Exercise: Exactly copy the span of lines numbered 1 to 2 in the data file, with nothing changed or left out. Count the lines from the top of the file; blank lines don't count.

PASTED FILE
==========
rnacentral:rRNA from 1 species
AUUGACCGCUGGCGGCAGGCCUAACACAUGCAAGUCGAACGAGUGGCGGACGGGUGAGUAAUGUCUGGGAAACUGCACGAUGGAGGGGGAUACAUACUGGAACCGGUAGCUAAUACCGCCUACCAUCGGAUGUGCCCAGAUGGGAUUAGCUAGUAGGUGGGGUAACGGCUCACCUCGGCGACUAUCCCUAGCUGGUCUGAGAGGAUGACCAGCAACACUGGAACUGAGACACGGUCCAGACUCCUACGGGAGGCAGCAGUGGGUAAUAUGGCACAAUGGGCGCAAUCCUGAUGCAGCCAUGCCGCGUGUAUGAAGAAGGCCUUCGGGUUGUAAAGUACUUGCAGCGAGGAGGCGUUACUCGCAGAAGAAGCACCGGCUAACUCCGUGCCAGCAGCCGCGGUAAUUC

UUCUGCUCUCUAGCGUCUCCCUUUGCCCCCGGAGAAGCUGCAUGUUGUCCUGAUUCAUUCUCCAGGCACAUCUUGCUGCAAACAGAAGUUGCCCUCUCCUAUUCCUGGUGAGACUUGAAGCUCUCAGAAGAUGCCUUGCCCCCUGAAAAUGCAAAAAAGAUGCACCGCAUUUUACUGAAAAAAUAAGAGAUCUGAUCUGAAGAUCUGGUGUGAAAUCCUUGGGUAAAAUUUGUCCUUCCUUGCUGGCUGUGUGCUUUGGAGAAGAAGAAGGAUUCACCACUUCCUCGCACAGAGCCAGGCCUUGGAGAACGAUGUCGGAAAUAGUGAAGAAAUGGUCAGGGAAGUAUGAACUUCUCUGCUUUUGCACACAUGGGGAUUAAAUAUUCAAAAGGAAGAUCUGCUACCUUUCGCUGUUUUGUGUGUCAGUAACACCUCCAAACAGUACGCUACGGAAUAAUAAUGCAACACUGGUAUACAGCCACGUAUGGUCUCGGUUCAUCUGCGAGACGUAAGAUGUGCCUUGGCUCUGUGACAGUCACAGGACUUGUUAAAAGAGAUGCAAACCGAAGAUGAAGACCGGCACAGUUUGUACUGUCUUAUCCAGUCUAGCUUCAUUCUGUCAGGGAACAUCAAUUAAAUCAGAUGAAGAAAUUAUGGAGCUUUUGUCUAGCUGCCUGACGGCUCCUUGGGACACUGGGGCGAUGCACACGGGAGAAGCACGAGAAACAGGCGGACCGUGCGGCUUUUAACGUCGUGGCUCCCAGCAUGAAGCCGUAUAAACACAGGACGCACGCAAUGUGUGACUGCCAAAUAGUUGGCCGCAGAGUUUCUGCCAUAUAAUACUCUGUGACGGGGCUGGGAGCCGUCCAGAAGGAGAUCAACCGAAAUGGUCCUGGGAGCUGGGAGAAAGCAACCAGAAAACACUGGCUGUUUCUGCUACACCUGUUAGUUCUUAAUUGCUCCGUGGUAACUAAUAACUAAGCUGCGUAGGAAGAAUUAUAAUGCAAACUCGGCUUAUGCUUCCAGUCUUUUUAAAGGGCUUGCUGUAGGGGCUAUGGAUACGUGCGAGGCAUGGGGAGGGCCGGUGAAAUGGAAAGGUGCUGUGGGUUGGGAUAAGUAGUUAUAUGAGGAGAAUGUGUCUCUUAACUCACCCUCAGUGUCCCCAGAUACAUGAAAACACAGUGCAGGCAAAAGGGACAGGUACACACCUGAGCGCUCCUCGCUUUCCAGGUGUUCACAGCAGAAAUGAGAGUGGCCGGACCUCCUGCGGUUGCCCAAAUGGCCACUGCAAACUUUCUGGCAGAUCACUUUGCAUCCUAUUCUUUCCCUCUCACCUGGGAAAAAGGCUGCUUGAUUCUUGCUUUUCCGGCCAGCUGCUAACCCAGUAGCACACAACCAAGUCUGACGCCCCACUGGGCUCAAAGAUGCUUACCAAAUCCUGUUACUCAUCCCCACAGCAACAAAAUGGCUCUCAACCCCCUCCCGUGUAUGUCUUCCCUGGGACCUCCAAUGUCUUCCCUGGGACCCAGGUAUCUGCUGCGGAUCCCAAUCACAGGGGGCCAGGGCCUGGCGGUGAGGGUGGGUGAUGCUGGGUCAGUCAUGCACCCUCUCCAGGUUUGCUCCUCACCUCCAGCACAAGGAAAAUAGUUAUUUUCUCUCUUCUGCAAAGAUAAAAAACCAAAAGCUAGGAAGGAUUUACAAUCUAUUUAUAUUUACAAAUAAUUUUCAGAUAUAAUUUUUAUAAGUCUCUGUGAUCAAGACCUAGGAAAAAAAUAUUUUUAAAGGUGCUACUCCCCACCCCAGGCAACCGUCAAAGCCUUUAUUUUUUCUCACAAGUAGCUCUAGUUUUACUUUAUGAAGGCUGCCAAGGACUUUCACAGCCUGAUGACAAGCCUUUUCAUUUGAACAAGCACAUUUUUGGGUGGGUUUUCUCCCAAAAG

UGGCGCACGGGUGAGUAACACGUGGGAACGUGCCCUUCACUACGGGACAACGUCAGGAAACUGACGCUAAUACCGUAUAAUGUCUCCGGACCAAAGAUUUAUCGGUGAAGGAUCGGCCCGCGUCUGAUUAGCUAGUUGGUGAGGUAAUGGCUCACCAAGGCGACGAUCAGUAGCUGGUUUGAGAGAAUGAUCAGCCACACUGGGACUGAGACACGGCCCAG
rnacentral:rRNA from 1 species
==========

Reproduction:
rnacentral:rRNA from 1 species
AUUGACCGCUGGCGGCAGGCCUAACACAUGCAAGUCGAACGAGUGGCGGACGGGUGAGUAAUGUCUGGGAAACUGCACGAUGGAGGGGGAUACAUACUGGAACCGGUAGCUAAUACCGCCUACCAUCGGAUGUGCCCAGAUGGGAUUAGCUAGUAGGUGGGGUAACGGCUCACCUCGGCGACUAUCCCUAGCUGGUCUGAGAGGAUGACCAGCAACACUGGAACUGAGACACGGUCCAGACUCCUACGGGAGGCAGCAGUGGGUAAUAUGGCACAAUGGGCGCAAUCCUGAUGCAGCCAUGCCGCGUGUAUGAAGAAGGCCUUCGGGUUGUAAAGUACUUGCAGCGAGGAGGCGUUACUCGCAGAAGAAGCACCGGCUAACUCCGUGCCAGCAGCCGCGGUAAUUC